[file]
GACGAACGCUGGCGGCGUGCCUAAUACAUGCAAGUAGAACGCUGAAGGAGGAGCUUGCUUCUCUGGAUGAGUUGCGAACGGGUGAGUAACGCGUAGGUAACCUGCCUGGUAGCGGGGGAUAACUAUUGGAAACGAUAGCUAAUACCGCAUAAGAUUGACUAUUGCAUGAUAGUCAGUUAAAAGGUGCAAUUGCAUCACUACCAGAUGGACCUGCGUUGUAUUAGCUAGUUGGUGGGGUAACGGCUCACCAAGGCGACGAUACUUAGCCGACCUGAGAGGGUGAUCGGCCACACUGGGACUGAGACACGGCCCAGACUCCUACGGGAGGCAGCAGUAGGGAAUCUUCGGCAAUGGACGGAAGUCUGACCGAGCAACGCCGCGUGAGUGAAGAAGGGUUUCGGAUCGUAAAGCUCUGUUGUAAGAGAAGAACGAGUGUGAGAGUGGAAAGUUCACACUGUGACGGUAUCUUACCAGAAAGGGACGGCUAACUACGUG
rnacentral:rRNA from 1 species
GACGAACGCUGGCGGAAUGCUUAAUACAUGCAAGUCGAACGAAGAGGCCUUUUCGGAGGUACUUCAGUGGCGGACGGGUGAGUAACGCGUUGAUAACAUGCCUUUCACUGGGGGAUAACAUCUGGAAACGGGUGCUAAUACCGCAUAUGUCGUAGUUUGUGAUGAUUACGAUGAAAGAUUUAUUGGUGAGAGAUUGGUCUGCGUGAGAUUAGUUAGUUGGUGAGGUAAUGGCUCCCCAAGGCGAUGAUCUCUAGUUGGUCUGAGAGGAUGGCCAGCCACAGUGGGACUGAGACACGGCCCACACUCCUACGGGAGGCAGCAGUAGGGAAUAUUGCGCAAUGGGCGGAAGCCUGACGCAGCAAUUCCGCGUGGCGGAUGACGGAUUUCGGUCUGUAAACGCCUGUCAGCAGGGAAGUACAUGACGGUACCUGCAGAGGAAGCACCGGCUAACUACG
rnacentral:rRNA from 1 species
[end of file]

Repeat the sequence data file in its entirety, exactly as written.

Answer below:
GACGAACGCUGGCGGCGUGCCUAAUACAUGCAAGUAGAACGCUGAAGGAGGAGCUUGCUUCUCUGGAUGAGUUGCGAACGGGUGAGUAACGCGUAGGUAACCUGCCUGGUAGCGGGGGAUAACUAUUGGAAACGAUAGCUAAUACCGCAUAAGAUUGACUAUUGCAUGAUAGUCAGUUAAAAGGUGCAAUUGCAUCACUACCAGAUGGACCUGCGUUGUAUUAGCUAGUUGGUGGGGUAACGGCUCACCAAGGCGACGAUACUUAGCCGACCUGAGAGGGUGAUCGGCCACACUGGGACUGAGACACGGCCCAGACUCCUACGGGAGGCAGCAGUAGGGAAUCUUCGGCAAUGGACGGAAGUCUGACCGAGCAACGCCGCGUGAGUGAAGAAGGGUUUCGGAUCGUAAAGCUCUGUUGUAAGAGAAGAACGAGUGUGAGAGUGGAAAGUUCACACUGUGACGGUAUCUUACCAGAAAGGGACGGCUAACUACGUG
rnacentral:rRNA from 1 species
GACGAACGCUGGCGGAAUGCUUAAUACAUGCAAGUCGAACGAAGAGGCCUUUUCGGAGGUACUUCAGUGGCGGACGGGUGAGUAACGCGUUGAUAACAUGCCUUUCACUGGGGGAUAACAUCUGGAAACGGGUGCUAAUACCGCAUAUGUCGUAGUUUGUGAUGAUUACGAUGAAAGAUUUAUUGGUGAGAGAUUGGUCUGCGUGAGAUUAGUUAGUUGGUGAGGUAAUGGCUCCCCAAGGCGAUGAUCUCUAGUUGGUCUGAGAGGAUGGCCAGCCACAGUGGGACUGAGACACGGCCCACACUCCUACGGGAGGCAGCAGUAGGGAAUAUUGCGCAAUGGGCGGAAGCCUGACGCAGCAAUUCCGCGUGGCGGAUGACGGAUUUCGGUCUGUAAACGCCUGUCAGCAGGGAAGUACAUGACGGUACCUGCAGAGGAAGCACCGGCUAACUACG
rnacentral:rRNA from 1 species